Rankin: Cancel culture stops people apologising and learning from their mistakes

Rankin - Dave J Hogan/Dave J Hogan/Getty Images
Rankin - Dave J Hogan/Dave J Hogan/Getty Images

Cancel culture stops people learning from their mistakes, Rankin has said in his first in-depth interview addressing his use of antisemitic tropes.

The renowned British fashion and portrait photographer, 57, referenced the 2014 controversy in which he suggested that the Jewish Hollywood actress, Scarlett Johansson, had succumbed to “powerful Jewish zealots” by resigning from a charity role against the backdrop of the Israel-Palestine conflict.

Rankin apologised at the time. However, speaking to The Telegraph ahead of unveiling his portraits of survivors of genocide for Holocaust Memorial Day last week he said that he has been grateful for the opportunity “to actually learn from my mistakes”.

“I didn’t think about what I was saying,” he said. “And from what I’ve learned about this type of stuff, a lot of it is because you don’t think and you just repeat things and you don’t analyse them,” he said.

“You don’t put any time or effort into questioning what people might say to you as a kind of throwaway comment… And it was just a trope, a kind of an antisemitic trope, that then became a news story.”

He added: “I made a mistake. And I’m sure that that mistake can and should be forgiven because it was a mistake. You should be able to give people the ability to apologise and move on. You know, I feel like I’m a total d---, like an idiot for what I said because I didn’t know my s---. And what I learned from that was: know your s---, and if you don’t know your s---, don’t talk about it.”

The photographer – whose real name is John Rankin Waddell and who has photographed Kate Moss, Tony Blair, the Rolling Stones, Madonna, David Bowie and the late Queen – said that the 2014 comments were the result of “stupid bias that I was repeating”, but added that he was “very, very keen to make amends for it”.

Scarlett Johansson - VALERIE MACON/AFP via Getty Images
Scarlett Johansson - VALERIE MACON/AFP via Getty Images

He found himself at the centre of an antisemitism storm after an interview in which he criticised “powerful Jewish zealots” in the United States and criticised Scarlett Johansson, whom he has photographed, for leaving her ambassadorial role with Oxfam over a row regarding settlements in the West Bank.

He also said he believed that adherents to “extreme Judaism” could blacklist a performer in America who took a stance against Israel.

The comments sparked condemnation and the Community Security Trust (CST) charity, which monitors antisemitic incidents said that Rankin had revived long-standing slurs alluding to the power of Jews over the media.

Following the interview, Rankin was approached by the Holocaust Memorial Day Trust (HMDT) charity offering him the opportunity to learn about the Nazi Holocaust, as well as other genocides from history.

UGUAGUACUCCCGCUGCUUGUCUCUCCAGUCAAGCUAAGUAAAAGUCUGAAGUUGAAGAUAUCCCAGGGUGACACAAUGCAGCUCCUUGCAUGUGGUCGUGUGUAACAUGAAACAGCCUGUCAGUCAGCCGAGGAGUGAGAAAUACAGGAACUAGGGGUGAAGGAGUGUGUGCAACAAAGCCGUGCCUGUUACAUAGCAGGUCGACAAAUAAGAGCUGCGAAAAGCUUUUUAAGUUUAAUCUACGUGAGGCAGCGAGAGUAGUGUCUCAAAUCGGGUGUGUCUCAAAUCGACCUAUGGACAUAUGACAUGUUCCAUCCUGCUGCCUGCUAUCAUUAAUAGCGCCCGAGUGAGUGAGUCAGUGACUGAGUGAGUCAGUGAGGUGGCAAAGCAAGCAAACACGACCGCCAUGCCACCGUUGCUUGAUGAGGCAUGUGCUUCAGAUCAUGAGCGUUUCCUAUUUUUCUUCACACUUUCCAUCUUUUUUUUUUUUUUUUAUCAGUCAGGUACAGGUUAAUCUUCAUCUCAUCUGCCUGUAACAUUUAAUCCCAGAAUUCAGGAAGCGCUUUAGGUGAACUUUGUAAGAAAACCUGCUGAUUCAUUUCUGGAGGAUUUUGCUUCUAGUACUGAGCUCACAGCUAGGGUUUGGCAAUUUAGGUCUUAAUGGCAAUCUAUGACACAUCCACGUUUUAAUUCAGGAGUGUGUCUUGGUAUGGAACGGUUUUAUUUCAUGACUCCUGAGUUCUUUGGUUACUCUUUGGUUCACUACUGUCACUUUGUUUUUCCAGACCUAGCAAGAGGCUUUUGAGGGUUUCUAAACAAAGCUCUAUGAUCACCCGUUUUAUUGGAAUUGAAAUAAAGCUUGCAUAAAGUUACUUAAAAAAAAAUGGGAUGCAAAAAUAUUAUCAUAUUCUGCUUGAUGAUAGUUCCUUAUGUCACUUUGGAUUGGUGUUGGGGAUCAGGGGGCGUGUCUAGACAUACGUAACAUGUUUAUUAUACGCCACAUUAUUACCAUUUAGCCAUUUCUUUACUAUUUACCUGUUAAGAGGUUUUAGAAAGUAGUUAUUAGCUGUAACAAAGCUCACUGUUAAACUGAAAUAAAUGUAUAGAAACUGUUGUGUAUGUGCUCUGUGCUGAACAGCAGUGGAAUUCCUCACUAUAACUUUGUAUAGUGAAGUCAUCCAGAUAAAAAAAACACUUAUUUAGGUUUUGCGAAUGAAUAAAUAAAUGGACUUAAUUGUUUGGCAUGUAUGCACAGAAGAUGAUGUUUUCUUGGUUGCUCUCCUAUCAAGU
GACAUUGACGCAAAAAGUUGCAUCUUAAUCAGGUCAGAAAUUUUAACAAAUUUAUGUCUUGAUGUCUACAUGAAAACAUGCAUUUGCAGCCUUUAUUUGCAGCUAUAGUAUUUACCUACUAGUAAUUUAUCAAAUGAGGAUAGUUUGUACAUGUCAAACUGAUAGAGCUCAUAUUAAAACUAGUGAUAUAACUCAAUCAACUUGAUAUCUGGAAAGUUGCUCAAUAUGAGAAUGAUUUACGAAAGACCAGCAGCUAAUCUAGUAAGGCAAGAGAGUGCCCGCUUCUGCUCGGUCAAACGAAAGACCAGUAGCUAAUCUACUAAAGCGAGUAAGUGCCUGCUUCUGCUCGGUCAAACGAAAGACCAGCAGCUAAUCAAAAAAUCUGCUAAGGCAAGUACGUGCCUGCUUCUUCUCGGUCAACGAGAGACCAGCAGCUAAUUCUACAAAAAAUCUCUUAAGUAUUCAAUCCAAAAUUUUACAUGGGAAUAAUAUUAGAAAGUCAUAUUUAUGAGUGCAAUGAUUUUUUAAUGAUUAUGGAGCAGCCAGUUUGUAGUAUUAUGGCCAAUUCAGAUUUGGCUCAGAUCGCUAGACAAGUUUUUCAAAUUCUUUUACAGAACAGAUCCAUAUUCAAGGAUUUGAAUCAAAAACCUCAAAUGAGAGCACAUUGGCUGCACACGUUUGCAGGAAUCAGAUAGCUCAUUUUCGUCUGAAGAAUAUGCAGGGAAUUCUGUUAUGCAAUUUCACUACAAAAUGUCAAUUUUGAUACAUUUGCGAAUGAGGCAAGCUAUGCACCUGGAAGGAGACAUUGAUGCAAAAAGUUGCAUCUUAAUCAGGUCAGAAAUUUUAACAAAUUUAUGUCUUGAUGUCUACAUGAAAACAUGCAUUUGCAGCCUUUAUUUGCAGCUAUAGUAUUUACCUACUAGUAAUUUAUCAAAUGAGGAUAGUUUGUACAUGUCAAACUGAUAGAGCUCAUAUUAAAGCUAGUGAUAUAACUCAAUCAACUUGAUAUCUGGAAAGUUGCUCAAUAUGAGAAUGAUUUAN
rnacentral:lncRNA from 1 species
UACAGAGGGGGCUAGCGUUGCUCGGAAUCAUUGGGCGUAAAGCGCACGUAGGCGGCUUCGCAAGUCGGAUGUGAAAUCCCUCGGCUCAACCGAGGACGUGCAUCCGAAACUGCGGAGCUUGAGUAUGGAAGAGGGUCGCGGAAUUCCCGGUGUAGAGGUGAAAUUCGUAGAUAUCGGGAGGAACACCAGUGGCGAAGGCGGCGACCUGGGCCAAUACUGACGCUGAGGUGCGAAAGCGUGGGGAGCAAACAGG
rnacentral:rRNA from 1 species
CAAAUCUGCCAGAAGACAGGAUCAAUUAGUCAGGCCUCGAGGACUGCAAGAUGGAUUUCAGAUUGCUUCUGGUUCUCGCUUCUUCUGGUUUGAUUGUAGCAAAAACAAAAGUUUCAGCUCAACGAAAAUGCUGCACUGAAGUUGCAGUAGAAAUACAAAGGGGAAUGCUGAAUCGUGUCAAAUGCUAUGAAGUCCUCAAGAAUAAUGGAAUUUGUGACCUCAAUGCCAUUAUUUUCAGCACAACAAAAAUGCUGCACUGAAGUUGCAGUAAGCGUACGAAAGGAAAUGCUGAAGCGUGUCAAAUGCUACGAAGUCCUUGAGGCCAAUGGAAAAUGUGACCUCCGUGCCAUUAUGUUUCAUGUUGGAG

Since then, he has worked in partnership with the charity and has given interviews, judged competitions and taken photographs for Holocaust Memorial Day.

For this year’s annual event, which was held on Friday, Rankin made five black-and-white images; four of men and women who survived the Holocaust or genocide in Darfur, Rwanda and Cambodia, and one of the teddy bear who accompanied Holocaust survivor, John Hajdu MBE, through the Budapest ghetto and beyond.

John Hajdu MBE - Rankin
John Hajdu MBE - Rankin

They will remain on display at Portcullis House, London, until the end of January.

Rankin said that until HMDT approached him he did not know that there had been multiple genocides throughout history. It was then, he said, that it dawned on him “that we do very easily forget them, as well as a lot of people that deny them”.

“But actually those stories, those individual stories, the personal stories are really important for us to celebrate and remember. It became something that I just said look, I really want to be committed to this.

“I have to say, that’s been very fulfilling for me,” he added, “but also, it makes me feel like I’m not just trying to make amends but like trying to actually learn from my mistakes as opposed to it being just something that I kind of try and hide or, you know, forget that I’ve done.”

Rankin said that his photography helps him to remind people that “this s--- happened”.

“If you can’t learn from that, what are we going to learn from? Especially today where the world is incredibly toxic with so much division.”

“Again, I’m no expert in this,” he added. “I’m just a guy with a camera and trying to question myself and be able to look himself in the mirror in the morning.”